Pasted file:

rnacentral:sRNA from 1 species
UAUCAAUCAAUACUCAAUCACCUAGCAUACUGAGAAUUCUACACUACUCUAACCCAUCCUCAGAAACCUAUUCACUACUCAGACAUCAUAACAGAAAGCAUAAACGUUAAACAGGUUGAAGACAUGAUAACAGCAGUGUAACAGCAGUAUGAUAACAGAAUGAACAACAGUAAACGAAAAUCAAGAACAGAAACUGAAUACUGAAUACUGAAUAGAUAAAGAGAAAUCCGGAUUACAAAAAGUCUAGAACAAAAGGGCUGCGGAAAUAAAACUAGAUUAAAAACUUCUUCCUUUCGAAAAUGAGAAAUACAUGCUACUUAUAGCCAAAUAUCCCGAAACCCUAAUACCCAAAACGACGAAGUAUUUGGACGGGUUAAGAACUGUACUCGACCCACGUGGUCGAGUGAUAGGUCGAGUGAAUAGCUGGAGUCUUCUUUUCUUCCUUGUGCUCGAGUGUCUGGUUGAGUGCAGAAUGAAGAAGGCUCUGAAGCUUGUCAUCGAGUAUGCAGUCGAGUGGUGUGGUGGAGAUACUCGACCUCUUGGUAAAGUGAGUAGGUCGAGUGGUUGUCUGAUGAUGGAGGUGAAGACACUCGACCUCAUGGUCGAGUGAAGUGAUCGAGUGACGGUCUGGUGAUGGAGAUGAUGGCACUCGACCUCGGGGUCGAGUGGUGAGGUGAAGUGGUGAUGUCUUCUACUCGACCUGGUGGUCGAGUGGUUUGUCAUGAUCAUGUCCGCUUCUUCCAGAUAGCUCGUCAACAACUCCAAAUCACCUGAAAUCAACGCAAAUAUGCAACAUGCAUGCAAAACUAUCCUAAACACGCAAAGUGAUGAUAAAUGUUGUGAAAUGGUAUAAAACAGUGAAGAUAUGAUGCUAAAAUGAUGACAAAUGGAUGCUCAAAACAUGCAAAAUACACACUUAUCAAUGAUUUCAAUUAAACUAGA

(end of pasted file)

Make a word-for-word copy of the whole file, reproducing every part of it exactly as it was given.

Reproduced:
rnacentral:sRNA from 1 species
UAUCAAUCAAUACUCAAUCACCUAGCAUACUGAGAAUUCUACACUACUCUAACCCAUCCUCAGAAACCUAUUCACUACUCAGACAUCAUAACAGAAAGCAUAAACGUUAAACAGGUUGAAGACAUGAUAACAGCAGUGUAACAGCAGUAUGAUAACAGAAUGAACAACAGUAAACGAAAAUCAAGAACAGAAACUGAAUACUGAAUACUGAAUAGAUAAAGAGAAAUCCGGAUUACAAAAAGUCUAGAACAAAAGGGCUGCGGAAAUAAAACUAGAUUAAAAACUUCUUCCUUUCGAAAAUGAGAAAUACAUGCUACUUAUAGCCAAAUAUCCCGAAACCCUAAUACCCAAAACGACGAAGUAUUUGGACGGGUUAAGAACUGUACUCGACCCACGUGGUCGAGUGAUAGGUCGAGUGAAUAGCUGGAGUCUUCUUUUCUUCCUUGUGCUCGAGUGUCUGGUUGAGUGCAGAAUGAAGAAGGCUCUGAAGCUUGUCAUCGAGUAUGCAGUCGAGUGGUGUGGUGGAGAUACUCGACCUCUUGGUAAAGUGAGUAGGUCGAGUGGUUGUCUGAUGAUGGAGGUGAAGACACUCGACCUCAUGGUCGAGUGAAGUGAUCGAGUGACGGUCUGGUGAUGGAGAUGAUGGCACUCGACCUCGGGGUCGAGUGGUGAGGUGAAGUGGUGAUGUCUUCUACUCGACCUGGUGGUCGAGUGGUUUGUCAUGAUCAUGUCCGCUUCUUCCAGAUAGCUCGUCAACAACUCCAAAUCACCUGAAAUCAACGCAAAUAUGCAACAUGCAUGCAAAACUAUCCUAAACACGCAAAGUGAUGAUAAAUGUUGUGAAAUGGUAUAAAACAGUGAAGAUAUGAUGCUAAAAUGAUGACAAAUGGAUGCUCAAAACAUGCAAAAUACACACUUAUCAAUGAUUUCAAUUAAACUAGA